MANSFIELD ─ The fast-approaching June fundraiser is essential to the Mansfield Sertoma Club, especially at a time when the children’s needs have grown.
The international organization established its Mansfield club in 1940 and has since supported children with hearing impairment in Richland and all surrounding counties.
Mansfield Sertoma will have its annual fundraiser, Mansfield Motorama, on June 13 at the Mansfield Fire Museum. Allen said the nonprofit is looking for sponsorships for trophies and medals along with donations for raffle items and door prizes. Cash donations are also welcome.
Besides featuring all kinds of antique automobiles, Allen said a 50-foot hot wheels track will be available for the children while the event is going on. The show will start at noon with the registration of $10. The fire museum will be open free of charge to the public.
Treasurer Steve Allen said the COVID-19 pandemic has made learning more challenging for those children because they do not get the exposure to the trained professionals as they did before.
To make matters worse, Sertoma was unable to hold any fundraisers last year due to the pandemic.
“Now, just because we didn't generate income, it doesn't mean the needs in the community went down,” Allen said. “They actually went up.”
Mansfield Sertoma has supported children and teenagers with hearing loss in various ways, including offering scholarships. Allen said the nonprofit provides financial support to those who plan to go on to college. It also helps individuals going into a field, such as audiology, that would benefit the hearing-impaired community.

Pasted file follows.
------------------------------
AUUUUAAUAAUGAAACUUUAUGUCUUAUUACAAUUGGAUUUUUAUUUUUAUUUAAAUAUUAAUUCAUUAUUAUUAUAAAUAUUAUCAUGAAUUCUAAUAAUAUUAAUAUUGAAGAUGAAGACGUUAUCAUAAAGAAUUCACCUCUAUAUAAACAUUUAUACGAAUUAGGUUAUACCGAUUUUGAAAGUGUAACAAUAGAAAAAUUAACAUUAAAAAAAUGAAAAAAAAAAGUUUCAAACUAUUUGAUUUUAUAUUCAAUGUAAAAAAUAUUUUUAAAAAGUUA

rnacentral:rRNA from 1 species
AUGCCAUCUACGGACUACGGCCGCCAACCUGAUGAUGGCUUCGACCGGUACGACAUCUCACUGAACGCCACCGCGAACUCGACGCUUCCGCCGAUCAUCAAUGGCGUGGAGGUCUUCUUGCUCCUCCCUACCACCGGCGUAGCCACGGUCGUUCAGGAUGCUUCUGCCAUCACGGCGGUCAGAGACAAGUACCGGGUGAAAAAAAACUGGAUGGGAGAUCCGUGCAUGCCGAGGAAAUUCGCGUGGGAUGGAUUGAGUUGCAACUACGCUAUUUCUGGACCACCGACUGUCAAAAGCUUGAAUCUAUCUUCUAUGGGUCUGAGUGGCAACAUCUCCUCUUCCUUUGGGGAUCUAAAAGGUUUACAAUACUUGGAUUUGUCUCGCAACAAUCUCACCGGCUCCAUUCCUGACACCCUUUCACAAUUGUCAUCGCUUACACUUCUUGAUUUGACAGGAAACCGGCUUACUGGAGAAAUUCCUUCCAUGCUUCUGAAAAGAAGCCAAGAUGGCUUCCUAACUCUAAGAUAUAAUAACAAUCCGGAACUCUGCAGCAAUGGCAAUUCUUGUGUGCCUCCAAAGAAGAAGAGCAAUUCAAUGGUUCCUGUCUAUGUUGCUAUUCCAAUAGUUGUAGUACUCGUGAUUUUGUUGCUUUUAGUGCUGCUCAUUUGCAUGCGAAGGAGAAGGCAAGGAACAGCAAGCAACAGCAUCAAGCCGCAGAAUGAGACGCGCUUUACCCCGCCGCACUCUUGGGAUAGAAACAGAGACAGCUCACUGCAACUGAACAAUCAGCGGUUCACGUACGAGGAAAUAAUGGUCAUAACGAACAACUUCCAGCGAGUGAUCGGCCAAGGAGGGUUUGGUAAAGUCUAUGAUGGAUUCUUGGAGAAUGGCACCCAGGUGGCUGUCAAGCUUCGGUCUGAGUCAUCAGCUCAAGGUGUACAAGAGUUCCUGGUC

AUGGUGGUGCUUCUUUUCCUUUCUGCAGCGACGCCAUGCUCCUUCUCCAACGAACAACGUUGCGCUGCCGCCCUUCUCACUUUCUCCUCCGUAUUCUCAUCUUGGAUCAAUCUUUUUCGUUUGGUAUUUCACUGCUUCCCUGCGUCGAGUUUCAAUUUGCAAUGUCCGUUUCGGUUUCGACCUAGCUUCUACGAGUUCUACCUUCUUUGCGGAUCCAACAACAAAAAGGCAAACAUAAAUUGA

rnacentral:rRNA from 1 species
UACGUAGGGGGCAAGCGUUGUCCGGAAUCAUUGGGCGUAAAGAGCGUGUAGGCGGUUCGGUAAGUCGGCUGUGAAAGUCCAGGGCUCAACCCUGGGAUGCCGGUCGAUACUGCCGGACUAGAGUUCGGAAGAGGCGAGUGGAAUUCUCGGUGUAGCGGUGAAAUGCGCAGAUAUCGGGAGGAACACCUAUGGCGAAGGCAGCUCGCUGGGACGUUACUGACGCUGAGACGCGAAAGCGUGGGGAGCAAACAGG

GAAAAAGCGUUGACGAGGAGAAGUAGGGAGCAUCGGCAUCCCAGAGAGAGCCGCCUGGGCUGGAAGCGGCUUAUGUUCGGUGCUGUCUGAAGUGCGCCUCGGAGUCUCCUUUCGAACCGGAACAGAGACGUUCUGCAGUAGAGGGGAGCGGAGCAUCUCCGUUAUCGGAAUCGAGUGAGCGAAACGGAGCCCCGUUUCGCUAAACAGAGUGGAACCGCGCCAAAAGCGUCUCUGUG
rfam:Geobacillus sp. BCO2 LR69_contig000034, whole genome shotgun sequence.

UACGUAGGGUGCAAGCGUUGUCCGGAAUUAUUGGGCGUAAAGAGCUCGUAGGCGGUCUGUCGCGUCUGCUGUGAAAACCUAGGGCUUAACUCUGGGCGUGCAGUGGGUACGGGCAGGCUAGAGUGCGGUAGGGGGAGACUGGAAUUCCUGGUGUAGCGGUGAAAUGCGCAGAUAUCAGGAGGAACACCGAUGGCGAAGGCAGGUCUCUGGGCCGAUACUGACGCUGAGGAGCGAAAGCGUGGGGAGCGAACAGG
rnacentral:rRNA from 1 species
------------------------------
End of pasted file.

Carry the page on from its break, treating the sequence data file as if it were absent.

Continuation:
About 150 to 200 children in the area receive Sertoma’s services now, Allen said. Some of them have made progress at schools after getting special equipment or learning supplies donated by the organization.
Allen said Sertoma provided a bone conduction headset to a Butler Elementary School student. With pads resting on the cheekbone, the device can help users who have outer-ear damage and working cochlea to hear “crystal clear.”
The girl who received the equipment could not focus on her teacher and was not interested in learning, Allen said. With the hearing aid, she started paying attention in class and her testing scores went up, too.
Allen said sometimes deaf children are treated as if they are not as smart as other kids.
“And that's just not the case. It's not that they're not smart. They just can't hear what you're saying,” he said.
Those interested in supporting the event can contact Steve Allen at 419-775-8843 or email@example.com.